According to travel blog Vagabond Journey, China is home to an endless range of different kinds of hot dog pastry. They're made with muffins, danishes, sliced bread, and more; and topped with everything from mayonnaise, to cheese, to frosting, to egg dough. That same travel blog also describes them as "old, stale and, often, [served] at room temperature." In a way, you've got to give credit to these Chinese bakeries for having the gall to quite literally throw together a load of completely incompatible western foods in an attempt to make them stick. Stale hot dog in a danish with cheese on top. Why not?

Japan is home to the octopus hot dog

Move over to Japan and things — rather predictably — become peak weird. Feast your eyes on the octopus hot dog, one of the country's most popular inclusions in the traditional bento box. In case you're unaware, a bento box is kind of like a little meal for one contained within a box and usually made up of any combination of rice, noodles, fish, meat, and vegetables. Nowadays, presentation is a huge part of the bento box experience, and the Japanese have become highly skilled at making them look funky.

It's inside your bento box that you're going to find the octopus hot dog. They're very easy to make: all you do is slice up a hot dog to look like an octopus, before microwaving it to make the tentacles shrivel in the heat. Throw it in with some rice, some vegetables, and a little soy sauce and you've got the makings of a classic Japanese lunch-on-the-go. 

The Czech Republic's párek v rohlíku is a hot dog that's not too crazy

The Czech variation on the hot dog is known as párek v rohlíku, which literally means "sausage in roll." The actual components aren't particularly out of the ordinary for a hot dog — it's made up of a classic wurst, a few condiments, and a crusty bread roll, none of which are particularly out of the ordinary for a European hot dog. Where the párek v rohlíku comes into its own, however, is in its shape. 

Rather than slicing a bun in half and placing the sausage inside, the top of the rohlíku is sliced off, a hole is punched in the bread and the sausage is placed into it with the condiments. What results is the kind of thing you'd get if you crossed the ingredients of a hot dog with the structure of an ice cream cone. A little weird, sure — but let's be honest, it's no octopus. 

Peru's salchipapas is basically a hot dog salad

Salchipapas is a Peruvian street food that seriously stretches the meaning of the term "hot dog." This hugely popular dish originated as a poor man's food but is now enjoyed all around the country and beyond, including in Colombia, Bolivia and Ecuador. Often found at street vendors, salchipapas ("salchi" meaning sausage and "papas" meaning potatoes) is essentially made of sliced fried sausage on a bed of fries, accompanied by ketchup, chili sauce, mustard and mayo. Variations on the recipe also throw in garnishes such as fried eggs, cheese, tomatoes, and lettuce.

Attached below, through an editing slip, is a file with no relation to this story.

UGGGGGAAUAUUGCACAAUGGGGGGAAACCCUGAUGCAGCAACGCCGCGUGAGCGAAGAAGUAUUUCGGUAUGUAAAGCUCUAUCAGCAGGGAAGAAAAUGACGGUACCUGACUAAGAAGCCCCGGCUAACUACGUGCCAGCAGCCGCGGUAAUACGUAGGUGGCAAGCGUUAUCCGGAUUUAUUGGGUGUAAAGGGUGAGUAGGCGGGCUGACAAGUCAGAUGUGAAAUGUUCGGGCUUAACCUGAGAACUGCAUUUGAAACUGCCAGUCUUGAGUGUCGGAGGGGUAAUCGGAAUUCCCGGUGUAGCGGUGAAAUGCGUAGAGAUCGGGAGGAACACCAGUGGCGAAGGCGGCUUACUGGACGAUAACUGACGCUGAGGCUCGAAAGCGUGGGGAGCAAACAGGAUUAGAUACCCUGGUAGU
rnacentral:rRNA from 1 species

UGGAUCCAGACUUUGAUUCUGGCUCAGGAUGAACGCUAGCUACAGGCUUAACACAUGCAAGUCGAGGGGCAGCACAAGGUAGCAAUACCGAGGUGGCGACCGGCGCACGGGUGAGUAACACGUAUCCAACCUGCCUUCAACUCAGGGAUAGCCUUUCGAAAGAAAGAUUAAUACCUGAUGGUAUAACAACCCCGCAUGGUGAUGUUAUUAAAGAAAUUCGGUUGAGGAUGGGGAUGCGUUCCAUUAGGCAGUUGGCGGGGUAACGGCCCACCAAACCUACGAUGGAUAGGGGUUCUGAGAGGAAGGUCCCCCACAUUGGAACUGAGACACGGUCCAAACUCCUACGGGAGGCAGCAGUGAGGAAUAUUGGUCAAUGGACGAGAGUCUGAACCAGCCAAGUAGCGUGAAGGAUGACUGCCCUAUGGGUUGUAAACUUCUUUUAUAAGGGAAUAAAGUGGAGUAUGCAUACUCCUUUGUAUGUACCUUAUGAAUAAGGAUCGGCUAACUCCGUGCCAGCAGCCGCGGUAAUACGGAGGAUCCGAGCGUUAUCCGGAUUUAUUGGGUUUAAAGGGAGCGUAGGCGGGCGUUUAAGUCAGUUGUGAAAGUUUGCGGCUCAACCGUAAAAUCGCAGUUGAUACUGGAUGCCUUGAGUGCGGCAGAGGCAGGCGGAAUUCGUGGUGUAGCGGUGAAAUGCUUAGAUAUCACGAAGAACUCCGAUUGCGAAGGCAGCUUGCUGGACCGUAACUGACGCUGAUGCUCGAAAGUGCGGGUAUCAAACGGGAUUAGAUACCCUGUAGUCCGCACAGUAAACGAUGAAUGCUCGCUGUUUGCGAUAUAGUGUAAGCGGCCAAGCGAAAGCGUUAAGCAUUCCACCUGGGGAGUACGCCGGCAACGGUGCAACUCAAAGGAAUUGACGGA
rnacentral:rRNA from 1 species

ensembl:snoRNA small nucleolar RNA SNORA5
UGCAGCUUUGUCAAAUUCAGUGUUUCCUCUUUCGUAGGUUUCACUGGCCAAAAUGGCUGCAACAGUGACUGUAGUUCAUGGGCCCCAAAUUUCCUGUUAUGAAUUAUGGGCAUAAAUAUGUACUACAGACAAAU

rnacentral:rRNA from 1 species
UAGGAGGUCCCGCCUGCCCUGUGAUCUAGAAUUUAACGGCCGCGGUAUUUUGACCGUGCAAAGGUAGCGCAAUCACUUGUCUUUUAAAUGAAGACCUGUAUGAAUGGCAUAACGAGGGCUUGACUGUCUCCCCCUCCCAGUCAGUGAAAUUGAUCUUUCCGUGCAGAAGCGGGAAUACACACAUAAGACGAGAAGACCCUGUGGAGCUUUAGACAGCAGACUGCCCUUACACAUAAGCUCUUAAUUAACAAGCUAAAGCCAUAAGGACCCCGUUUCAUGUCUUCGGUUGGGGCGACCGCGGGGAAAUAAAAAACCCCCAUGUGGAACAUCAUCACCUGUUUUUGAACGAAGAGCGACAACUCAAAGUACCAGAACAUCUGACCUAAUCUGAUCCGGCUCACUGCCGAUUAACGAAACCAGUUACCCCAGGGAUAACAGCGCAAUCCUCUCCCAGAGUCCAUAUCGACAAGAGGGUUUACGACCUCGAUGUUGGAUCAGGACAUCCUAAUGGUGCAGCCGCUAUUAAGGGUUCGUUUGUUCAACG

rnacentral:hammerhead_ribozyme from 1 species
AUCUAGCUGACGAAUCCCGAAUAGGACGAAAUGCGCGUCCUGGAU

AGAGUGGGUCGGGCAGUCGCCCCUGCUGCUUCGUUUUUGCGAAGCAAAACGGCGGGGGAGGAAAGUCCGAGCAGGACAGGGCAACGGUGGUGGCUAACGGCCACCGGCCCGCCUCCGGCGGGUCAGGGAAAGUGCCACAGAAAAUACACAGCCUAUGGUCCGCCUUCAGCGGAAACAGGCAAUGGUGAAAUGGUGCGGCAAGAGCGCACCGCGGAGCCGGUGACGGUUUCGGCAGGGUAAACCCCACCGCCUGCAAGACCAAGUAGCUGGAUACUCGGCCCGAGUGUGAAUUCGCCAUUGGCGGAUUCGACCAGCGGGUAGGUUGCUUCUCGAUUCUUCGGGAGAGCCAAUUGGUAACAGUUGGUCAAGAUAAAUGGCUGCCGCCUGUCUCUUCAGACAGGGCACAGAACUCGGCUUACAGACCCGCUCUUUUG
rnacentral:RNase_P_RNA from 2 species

So no, there's no bun. There's no bread of any kind, in fact — not even a pastry. With that in mind, you could certainly make a decent argument that this isn't a hot dog at all. But fries are close enough to bread, the sauces are classic hot dog staples, and the dish is centered around just the kind of sausage you would find in any other dog. It's a tough call, but we're going to allow it. 

Norway's pølse hot dog is cheap and tasty street food

The pølse is a little bit like the tunnbrödsrulle, if the tunnbrödsrulle buckled up, got its act together and dropped all those silly fillings. According to Cheapskate's Guide to Oslo (and they'd know) the pølse is the "easiest and cheapest fast food you can find in Oslo." 

It's about as simple as a hot dog can get. One dog, served in a tortilla-style potato wrap, topped with ketchup and mustard. In fact, it looks like the kind of thing you might concoct late at night, if you really wanted a hot dog — but didn't quite have the right ingredients in your cupboards. It's huge in Norway, though. They're a staple at kids' parties, make frequent appearances at dinner tables, are often enjoyed by commuters and travelers and show up in practically every convenience store in the country. There's even a National Pølse Day on May 17th.